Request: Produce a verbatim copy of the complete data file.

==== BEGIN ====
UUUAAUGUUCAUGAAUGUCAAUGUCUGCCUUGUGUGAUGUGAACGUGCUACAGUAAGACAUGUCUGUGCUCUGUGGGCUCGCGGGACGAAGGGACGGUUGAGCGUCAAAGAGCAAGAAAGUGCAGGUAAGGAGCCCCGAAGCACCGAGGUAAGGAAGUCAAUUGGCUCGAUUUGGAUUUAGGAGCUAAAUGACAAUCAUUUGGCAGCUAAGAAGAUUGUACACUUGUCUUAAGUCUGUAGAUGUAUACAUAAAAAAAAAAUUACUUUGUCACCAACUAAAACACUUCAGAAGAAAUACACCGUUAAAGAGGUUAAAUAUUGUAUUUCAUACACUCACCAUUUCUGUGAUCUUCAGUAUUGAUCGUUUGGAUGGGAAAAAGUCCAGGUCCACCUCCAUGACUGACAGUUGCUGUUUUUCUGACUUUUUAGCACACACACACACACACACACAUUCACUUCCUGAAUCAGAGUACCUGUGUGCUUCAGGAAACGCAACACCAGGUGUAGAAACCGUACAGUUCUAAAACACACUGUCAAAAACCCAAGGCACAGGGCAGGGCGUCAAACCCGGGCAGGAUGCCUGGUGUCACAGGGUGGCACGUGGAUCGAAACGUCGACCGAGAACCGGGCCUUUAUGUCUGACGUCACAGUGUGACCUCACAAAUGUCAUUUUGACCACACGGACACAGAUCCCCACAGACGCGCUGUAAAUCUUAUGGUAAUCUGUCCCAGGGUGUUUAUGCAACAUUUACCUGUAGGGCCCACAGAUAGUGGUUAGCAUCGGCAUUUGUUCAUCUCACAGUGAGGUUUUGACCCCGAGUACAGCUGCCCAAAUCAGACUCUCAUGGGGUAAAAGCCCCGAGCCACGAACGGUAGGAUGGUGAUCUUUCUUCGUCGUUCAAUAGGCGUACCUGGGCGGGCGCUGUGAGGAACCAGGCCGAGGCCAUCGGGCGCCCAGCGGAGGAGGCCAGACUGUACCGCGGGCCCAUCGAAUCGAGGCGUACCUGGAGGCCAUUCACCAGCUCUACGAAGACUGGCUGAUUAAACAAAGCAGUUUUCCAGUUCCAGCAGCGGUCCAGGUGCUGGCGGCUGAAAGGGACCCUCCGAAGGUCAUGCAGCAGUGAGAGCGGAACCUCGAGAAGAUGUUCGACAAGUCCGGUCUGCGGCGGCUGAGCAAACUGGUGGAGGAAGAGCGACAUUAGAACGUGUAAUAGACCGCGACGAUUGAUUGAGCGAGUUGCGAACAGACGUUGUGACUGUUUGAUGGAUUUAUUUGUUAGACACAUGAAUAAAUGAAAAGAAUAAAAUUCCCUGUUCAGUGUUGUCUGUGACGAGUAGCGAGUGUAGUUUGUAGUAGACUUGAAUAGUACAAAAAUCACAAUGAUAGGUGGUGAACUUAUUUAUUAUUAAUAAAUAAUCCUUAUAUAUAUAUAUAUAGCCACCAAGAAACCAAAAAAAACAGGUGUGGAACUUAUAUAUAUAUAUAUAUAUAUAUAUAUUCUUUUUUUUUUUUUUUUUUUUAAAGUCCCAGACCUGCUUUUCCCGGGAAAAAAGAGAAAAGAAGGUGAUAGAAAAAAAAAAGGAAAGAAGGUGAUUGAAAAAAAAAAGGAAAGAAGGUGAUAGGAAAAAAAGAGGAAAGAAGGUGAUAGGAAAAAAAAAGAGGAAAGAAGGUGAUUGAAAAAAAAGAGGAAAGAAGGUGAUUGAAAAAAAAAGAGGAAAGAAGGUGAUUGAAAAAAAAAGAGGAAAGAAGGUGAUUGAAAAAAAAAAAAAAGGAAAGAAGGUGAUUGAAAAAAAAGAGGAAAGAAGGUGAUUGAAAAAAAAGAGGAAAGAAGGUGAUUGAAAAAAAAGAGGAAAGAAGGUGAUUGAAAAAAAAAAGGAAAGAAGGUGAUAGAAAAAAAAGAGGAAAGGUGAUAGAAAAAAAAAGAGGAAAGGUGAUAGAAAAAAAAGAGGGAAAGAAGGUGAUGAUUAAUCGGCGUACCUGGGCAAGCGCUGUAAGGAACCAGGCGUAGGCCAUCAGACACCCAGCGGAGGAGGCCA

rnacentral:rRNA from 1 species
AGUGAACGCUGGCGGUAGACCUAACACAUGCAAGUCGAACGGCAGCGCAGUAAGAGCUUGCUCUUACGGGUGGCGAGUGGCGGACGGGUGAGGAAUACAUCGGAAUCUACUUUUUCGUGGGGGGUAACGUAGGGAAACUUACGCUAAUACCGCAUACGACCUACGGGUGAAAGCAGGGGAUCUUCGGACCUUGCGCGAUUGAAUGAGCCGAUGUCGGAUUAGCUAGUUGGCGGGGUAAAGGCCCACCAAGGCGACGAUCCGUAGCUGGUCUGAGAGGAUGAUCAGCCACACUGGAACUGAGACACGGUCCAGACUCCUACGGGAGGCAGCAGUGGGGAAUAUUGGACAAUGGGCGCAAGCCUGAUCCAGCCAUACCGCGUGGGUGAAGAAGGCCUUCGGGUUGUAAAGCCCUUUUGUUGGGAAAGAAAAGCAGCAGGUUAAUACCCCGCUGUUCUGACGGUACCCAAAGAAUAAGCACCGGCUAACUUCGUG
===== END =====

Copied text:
UUUAAUGUUCAUGAAUGUCAAUGUCUGCCUUGUGUGAUGUGAACGUGCUACAGUAAGACAUGUCUGUGCUCUGUGGGCUCGCGGGACGAAGGGACGGUUGAGCGUCAAAGAGCAAGAAAGUGCAGGUAAGGAGCCCCGAAGCACCGAGGUAAGGAAGUCAAUUGGCUCGAUUUGGAUUUAGGAGCUAAAUGACAAUCAUUUGGCAGCUAAGAAGAUUGUACACUUGUCUUAAGUCUGUAGAUGUAUACAUAAAAAAAAAAUUACUUUGUCACCAACUAAAACACUUCAGAAGAAAUACACCGUUAAAGAGGUUAAAUAUUGUAUUUCAUACACUCACCAUUUCUGUGAUCUUCAGUAUUGAUCGUUUGGAUGGGAAAAAGUCCAGGUCCACCUCCAUGACUGACAGUUGCUGUUUUUCUGACUUUUUAGCACACACACACACACACACACAUUCACUUCCUGAAUCAGAGUACCUGUGUGCUUCAGGAAACGCAACACCAGGUGUAGAAACCGUACAGUUCUAAAACACACUGUCAAAAACCCAAGGCACAGGGCAGGGCGUCAAACCCGGGCAGGAUGCCUGGUGUCACAGGGUGGCACGUGGAUCGAAACGUCGACCGAGAACCGGGCCUUUAUGUCUGACGUCACAGUGUGACCUCACAAAUGUCAUUUUGACCACACGGACACAGAUCCCCACAGACGCGCUGUAAAUCUUAUGGUAAUCUGUCCCAGGGUGUUUAUGCAACAUUUACCUGUAGGGCCCACAGAUAGUGGUUAGCAUCGGCAUUUGUUCAUCUCACAGUGAGGUUUUGACCCCGAGUACAGCUGCCCAAAUCAGACUCUCAUGGGGUAAAAGCCCCGAGCCACGAACGGUAGGAUGGUGAUCUUUCUUCGUCGUUCAAUAGGCGUACCUGGGCGGGCGCUGUGAGGAACCAGGCCGAGGCCAUCGGGCGCCCAGCGGAGGAGGCCAGACUGUACCGCGGGCCCAUCGAAUCGAGGCGUACCUGGAGGCCAUUCACCAGCUCUACGAAGACUGGCUGAUUAAACAAAGCAGUUUUCCAGUUCCAGCAGCGGUCCAGGUGCUGGCGGCUGAAAGGGACCCUCCGAAGGUCAUGCAGCAGUGAGAGCGGAACCUCGAGAAGAUGUUCGACAAGUCCGGUCUGCGGCGGCUGAGCAAACUGGUGGAGGAAGAGCGACAUUAGAACGUGUAAUAGACCGCGACGAUUGAUUGAGCGAGUUGCGAACAGACGUUGUGACUGUUUGAUGGAUUUAUUUGUUAGACACAUGAAUAAAUGAAAAGAAUAAAAUUCCCUGUUCAGUGUUGUCUGUGACGAGUAGCGAGUGUAGUUUGUAGUAGACUUGAAUAGUACAAAAAUCACAAUGAUAGGUGGUGAACUUAUUUAUUAUUAAUAAAUAAUCCUUAUAUAUAUAUAUAUAGCCACCAAGAAACCAAAAAAAACAGGUGUGGAACUUAUAUAUAUAUAUAUAUAUAUAUAUAUUCUUUUUUUUUUUUUUUUUUUUAAAGUCCCAGACCUGCUUUUCCCGGGAAAAAAGAGAAAAGAAGGUGAUAGAAAAAAAAAAGGAAAGAAGGUGAUUGAAAAAAAAAAGGAAAGAAGGUGAUAGGAAAAAAAGAGGAAAGAAGGUGAUAGGAAAAAAAAAGAGGAAAGAAGGUGAUUGAAAAAAAAGAGGAAAGAAGGUGAUUGAAAAAAAAAGAGGAAAGAAGGUGAUUGAAAAAAAAAGAGGAAAGAAGGUGAUUGAAAAAAAAAAAAAAGGAAAGAAGGUGAUUGAAAAAAAAGAGGAAAGAAGGUGAUUGAAAAAAAAGAGGAAAGAAGGUGAUUGAAAAAAAAGAGGAAAGAAGGUGAUUGAAAAAAAAAAGGAAAGAAGGUGAUAGAAAAAAAAGAGGAAAGGUGAUAGAAAAAAAAAGAGGAAAGGUGAUAGAAAAAAAAGAGGGAAAGAAGGUGAUGAUUAAUCGGCGUACCUGGGCAAGCGCUGUAAGGAACCAGGCGUAGGCCAUCAGACACCCAGCGGAGGAGGCCA

rnacentral:rRNA from 1 species
AGUGAACGCUGGCGGUAGACCUAACACAUGCAAGUCGAACGGCAGCGCAGUAAGAGCUUGCUCUUACGGGUGGCGAGUGGCGGACGGGUGAGGAAUACAUCGGAAUCUACUUUUUCGUGGGGGGUAACGUAGGGAAACUUACGCUAAUACCGCAUACGACCUACGGGUGAAAGCAGGGGAUCUUCGGACCUUGCGCGAUUGAAUGAGCCGAUGUCGGAUUAGCUAGUUGGCGGGGUAAAGGCCCACCAAGGCGACGAUCCGUAGCUGGUCUGAGAGGAUGAUCAGCCACACUGGAACUGAGACACGGUCCAGACUCCUACGGGAGGCAGCAGUGGGGAAUAUUGGACAAUGGGCGCAAGCCUGAUCCAGCCAUACCGCGUGGGUGAAGAAGGCCUUCGGGUUGUAAAGCCCUUUUGUUGGGAAAGAAAAGCAGCAGGUUAAUACCCCGCUGUUCUGACGGUACCCAAAGAAUAAGCACCGGCUAACUUCGUG